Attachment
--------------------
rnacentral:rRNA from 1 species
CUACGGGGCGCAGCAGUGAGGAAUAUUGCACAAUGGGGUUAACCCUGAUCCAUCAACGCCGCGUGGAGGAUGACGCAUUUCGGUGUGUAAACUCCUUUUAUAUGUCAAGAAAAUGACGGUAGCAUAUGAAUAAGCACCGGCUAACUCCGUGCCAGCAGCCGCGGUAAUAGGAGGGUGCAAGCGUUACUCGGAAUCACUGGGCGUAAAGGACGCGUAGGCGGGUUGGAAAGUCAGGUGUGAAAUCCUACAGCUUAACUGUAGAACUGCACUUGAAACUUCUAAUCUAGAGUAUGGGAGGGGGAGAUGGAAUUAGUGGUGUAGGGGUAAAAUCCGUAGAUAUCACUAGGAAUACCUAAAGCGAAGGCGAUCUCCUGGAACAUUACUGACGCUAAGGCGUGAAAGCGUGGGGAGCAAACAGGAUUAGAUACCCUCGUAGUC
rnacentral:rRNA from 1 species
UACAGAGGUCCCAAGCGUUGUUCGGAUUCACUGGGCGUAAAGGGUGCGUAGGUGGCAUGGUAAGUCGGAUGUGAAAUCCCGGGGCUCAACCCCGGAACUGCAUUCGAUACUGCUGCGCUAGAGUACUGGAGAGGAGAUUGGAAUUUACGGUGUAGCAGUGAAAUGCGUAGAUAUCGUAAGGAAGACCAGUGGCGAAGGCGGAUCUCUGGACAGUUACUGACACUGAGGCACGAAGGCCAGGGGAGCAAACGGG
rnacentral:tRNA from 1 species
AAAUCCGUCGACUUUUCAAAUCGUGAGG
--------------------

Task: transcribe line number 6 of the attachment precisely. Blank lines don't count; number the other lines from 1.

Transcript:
AAAUCCGUCGACUUUUCAAAUCGUGAGG